The weather was beautiful again and we managed to catch a bus into Hebden Bridge where we were able to use a launderette. We looked around then caught the bus back to High Greenwood farm where we spent a lazy afternoon.
Heptonstall to Salterforth 18 miles
A terrific ride over the moors to Colne on another beautiful day. This was followed by a quiet pretty ride alongside the Leeds and Liverpool canal. The campsite at Salterforth had good facilities and was cheap (£5). May 13
Salterforth to Little Stainforth 25 miles
A fantastic days cycling. We started by continuing alongside the Leeds and Liverpool canal then followed small roads through beautiful green and rolling countryside to Gargrave. We stopped for coffee and cake at the famous cyclists café there, sitting outside in the warm sunshine. We then followed pretty lanes to Airton and then it was a long pull up onto open moorland.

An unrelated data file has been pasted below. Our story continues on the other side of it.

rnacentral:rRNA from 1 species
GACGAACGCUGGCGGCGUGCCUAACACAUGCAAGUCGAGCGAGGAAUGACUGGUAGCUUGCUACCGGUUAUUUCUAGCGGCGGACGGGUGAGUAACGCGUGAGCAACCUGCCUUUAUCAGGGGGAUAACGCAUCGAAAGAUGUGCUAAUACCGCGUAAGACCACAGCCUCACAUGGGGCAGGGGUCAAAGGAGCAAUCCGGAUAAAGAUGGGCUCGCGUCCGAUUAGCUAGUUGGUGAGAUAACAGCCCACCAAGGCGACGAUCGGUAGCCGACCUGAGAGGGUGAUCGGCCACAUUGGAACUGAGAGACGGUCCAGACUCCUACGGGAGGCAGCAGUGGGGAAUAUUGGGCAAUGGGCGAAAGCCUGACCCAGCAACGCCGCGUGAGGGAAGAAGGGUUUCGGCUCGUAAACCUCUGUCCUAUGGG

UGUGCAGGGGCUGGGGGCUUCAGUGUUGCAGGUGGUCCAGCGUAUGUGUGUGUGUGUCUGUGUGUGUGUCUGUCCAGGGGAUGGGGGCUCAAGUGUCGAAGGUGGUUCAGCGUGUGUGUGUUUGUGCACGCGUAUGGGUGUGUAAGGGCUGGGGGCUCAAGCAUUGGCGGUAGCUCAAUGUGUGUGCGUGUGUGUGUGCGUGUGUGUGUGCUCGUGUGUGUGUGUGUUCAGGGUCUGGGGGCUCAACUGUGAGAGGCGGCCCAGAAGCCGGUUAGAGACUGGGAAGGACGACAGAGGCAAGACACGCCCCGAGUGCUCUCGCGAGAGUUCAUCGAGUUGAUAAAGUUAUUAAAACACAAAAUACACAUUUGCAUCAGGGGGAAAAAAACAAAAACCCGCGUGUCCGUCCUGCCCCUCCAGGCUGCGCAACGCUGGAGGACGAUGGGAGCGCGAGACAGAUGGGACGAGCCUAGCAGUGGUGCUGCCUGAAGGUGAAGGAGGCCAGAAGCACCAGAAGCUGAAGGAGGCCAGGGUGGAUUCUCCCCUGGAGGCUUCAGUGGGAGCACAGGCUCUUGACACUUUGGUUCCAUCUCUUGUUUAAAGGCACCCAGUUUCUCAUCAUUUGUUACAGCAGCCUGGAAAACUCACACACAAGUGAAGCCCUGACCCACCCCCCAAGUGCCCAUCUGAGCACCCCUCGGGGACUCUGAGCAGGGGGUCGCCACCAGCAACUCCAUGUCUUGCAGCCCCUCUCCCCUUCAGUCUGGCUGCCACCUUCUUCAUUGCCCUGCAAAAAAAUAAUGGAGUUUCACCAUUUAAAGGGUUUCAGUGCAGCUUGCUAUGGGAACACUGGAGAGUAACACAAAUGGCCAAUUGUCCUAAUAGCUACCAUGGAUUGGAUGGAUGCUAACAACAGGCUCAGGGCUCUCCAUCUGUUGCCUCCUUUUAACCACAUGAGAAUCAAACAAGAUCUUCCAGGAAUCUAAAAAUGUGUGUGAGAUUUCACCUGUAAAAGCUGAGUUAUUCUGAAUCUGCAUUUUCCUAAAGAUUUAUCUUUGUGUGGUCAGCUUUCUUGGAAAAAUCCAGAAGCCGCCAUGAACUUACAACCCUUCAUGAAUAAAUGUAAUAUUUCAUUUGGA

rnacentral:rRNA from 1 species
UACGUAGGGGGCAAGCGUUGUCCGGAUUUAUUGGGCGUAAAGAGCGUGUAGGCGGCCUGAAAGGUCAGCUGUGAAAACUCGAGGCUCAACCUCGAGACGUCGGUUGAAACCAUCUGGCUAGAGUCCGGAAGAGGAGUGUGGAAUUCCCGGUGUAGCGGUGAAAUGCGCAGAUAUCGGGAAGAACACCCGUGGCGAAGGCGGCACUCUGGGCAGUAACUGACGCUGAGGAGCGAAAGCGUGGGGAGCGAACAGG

The descent into Settle was quite steep with great views. Unfortunately, the back wheel was now making a worrying scraping noise so when we got to Settle we looked for a bike shop. The bike shop was closed so had to try to sort out the problem ourselves. The back wheel seemed to have come loose and so I tightened it up and removed the back mud guard which seemed to sort the problem out. The campsite at Little Stainforth, a few miles north of Settle, was quite large with good facilities. May 14
Little Stainforth to Dent 22 miles
Another brilliant day. Terrific weather and stunning scenery. We stopped in Ingleton to shop then cycled on to Thornton in Lonsdale. The road up Kingsdale was a long pull through wild moorland. It was a tiny road through spectacular scenery. The descent was so steep that we needed to walk in several places. The campsite at Dent had great views over the Yorkshire Dales.
Dent to Appleby in Westmorland 36 miles